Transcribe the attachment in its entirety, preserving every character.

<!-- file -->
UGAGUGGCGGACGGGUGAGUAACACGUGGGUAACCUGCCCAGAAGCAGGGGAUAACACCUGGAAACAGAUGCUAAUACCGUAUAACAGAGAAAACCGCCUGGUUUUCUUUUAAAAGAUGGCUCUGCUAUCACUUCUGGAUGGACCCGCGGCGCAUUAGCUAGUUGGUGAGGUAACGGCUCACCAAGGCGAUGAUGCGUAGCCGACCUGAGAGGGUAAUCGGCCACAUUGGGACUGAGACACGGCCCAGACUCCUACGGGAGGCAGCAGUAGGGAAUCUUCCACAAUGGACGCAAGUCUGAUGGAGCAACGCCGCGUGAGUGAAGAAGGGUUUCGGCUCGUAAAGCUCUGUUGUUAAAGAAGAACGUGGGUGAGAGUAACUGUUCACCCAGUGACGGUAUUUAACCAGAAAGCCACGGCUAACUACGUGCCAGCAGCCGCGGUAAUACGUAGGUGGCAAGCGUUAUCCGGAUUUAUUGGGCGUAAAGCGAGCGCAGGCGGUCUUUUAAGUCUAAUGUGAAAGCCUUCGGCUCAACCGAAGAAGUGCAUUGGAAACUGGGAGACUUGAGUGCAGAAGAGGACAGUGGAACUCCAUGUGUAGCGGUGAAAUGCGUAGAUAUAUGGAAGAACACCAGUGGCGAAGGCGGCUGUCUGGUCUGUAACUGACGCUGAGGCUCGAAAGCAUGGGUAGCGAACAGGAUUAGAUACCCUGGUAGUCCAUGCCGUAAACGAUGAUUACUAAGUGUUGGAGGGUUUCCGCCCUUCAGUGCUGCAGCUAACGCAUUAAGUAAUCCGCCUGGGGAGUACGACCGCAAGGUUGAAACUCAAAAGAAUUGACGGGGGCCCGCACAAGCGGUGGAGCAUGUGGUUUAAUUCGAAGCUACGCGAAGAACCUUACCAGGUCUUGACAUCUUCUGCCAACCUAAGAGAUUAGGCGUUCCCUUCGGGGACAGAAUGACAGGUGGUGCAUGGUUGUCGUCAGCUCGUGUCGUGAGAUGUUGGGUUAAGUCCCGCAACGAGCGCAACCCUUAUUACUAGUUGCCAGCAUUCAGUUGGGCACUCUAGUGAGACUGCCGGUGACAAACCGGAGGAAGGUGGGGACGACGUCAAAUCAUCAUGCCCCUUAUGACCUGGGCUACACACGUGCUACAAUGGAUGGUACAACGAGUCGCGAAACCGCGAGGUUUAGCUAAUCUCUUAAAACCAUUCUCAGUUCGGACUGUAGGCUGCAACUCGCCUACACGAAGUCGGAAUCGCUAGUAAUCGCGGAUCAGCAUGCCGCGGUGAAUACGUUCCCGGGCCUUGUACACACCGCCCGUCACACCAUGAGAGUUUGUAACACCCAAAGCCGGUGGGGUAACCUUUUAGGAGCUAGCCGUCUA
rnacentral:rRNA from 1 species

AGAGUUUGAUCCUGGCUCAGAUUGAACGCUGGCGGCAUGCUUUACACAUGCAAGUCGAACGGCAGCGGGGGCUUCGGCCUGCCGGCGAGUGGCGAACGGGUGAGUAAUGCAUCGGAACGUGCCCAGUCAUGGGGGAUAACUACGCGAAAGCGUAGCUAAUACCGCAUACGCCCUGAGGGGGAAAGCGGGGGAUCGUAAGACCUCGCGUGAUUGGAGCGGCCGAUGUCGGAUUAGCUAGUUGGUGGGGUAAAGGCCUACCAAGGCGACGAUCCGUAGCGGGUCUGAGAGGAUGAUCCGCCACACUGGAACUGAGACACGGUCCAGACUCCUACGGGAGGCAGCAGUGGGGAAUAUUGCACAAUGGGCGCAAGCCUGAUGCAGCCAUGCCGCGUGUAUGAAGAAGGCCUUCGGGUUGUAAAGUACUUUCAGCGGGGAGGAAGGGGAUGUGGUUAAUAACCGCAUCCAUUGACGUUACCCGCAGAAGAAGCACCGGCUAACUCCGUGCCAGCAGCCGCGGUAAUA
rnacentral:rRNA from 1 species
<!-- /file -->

UGAGUGGCGGACGGGUGAGUAACACGUGGGUAACCUGCCCAGAAGCAGGGGAUAACACCUGGAAACAGAUGCUAAUACCGUAUAACAGAGAAAACCGCCUGGUUUUCUUUUAAAAGAUGGCUCUGCUAUCACUUCUGGAUGGACCCGCGGCGCAUUAGCUAGUUGGUGAGGUAACGGCUCACCAAGGCGAUGAUGCGUAGCCGACCUGAGAGGGUAAUCGGCCACAUUGGGACUGAGACACGGCCCAGACUCCUACGGGAGGCAGCAGUAGGGAAUCUUCCACAAUGGACGCAAGUCUGAUGGAGCAACGCCGCGUGAGUGAAGAAGGGUUUCGGCUCGUAAAGCUCUGUUGUUAAAGAAGAACGUGGGUGAGAGUAACUGUUCACCCAGUGACGGUAUUUAACCAGAAAGCCACGGCUAACUACGUGCCAGCAGCCGCGGUAAUACGUAGGUGGCAAGCGUUAUCCGGAUUUAUUGGGCGUAAAGCGAGCGCAGGCGGUCUUUUAAGUCUAAUGUGAAAGCCUUCGGCUCAACCGAAGAAGUGCAUUGGAAACUGGGAGACUUGAGUGCAGAAGAGGACAGUGGAACUCCAUGUGUAGCGGUGAAAUGCGUAGAUAUAUGGAAGAACACCAGUGGCGAAGGCGGCUGUCUGGUCUGUAACUGACGCUGAGGCUCGAAAGCAUGGGUAGCGAACAGGAUUAGAUACCCUGGUAGUCCAUGCCGUAAACGAUGAUUACUAAGUGUUGGAGGGUUUCCGCCCUUCAGUGCUGCAGCUAACGCAUUAAGUAAUCCGCCUGGGGAGUACGACCGCAAGGUUGAAACUCAAAAGAAUUGACGGGGGCCCGCACAAGCGGUGGAGCAUGUGGUUUAAUUCGAAGCUACGCGAAGAACCUUACCAGGUCUUGACAUCUUCUGCCAACCUAAGAGAUUAGGCGUUCCCUUCGGGGACAGAAUGACAGGUGGUGCAUGGUUGUCGUCAGCUCGUGUCGUGAGAUGUUGGGUUAAGUCCCGCAACGAGCGCAACCCUUAUUACUAGUUGCCAGCAUUCAGUUGGGCACUCUAGUGAGACUGCCGGUGACAAACCGGAGGAAGGUGGGGACGACGUCAAAUCAUCAUGCCCCUUAUGACCUGGGCUACACACGUGCUACAAUGGAUGGUACAACGAGUCGCGAAACCGCGAGGUUUAGCUAAUCUCUUAAAACCAUUCUCAGUUCGGACUGUAGGCUGCAACUCGCCUACACGAAGUCGGAAUCGCUAGUAAUCGCGGAUCAGCAUGCCGCGGUGAAUACGUUCCCGGGCCUUGUACACACCGCCCGUCACACCAUGAGAGUUUGUAACACCCAAAGCCGGUGGGGUAACCUUUUAGGAGCUAGCCGUCUA
rnacentral:rRNA from 1 species

AGAGUUUGAUCCUGGCUCAGAUUGAACGCUGGCGGCAUGCUUUACACAUGCAAGUCGAACGGCAGCGGGGGCUUCGGCCUGCCGGCGAGUGGCGAACGGGUGAGUAAUGCAUCGGAACGUGCCCAGUCAUGGGGGAUAACUACGCGAAAGCGUAGCUAAUACCGCAUACGCCCUGAGGGGGAAAGCGGGGGAUCGUAAGACCUCGCGUGAUUGGAGCGGCCGAUGUCGGAUUAGCUAGUUGGUGGGGUAAAGGCCUACCAAGGCGACGAUCCGUAGCGGGUCUGAGAGGAUGAUCCGCCACACUGGAACUGAGACACGGUCCAGACUCCUACGGGAGGCAGCAGUGGGGAAUAUUGCACAAUGGGCGCAAGCCUGAUGCAGCCAUGCCGCGUGUAUGAAGAAGGCCUUCGGGUUGUAAAGUACUUUCAGCGGGGAGGAAGGGGAUGUGGUUAAUAACCGCAUCCAUUGACGUUACCCGCAGAAGAAGCACCGGCUAACUCCGUGCCAGCAGCCGCGGUAAUA
rnacentral:rRNA from 1 species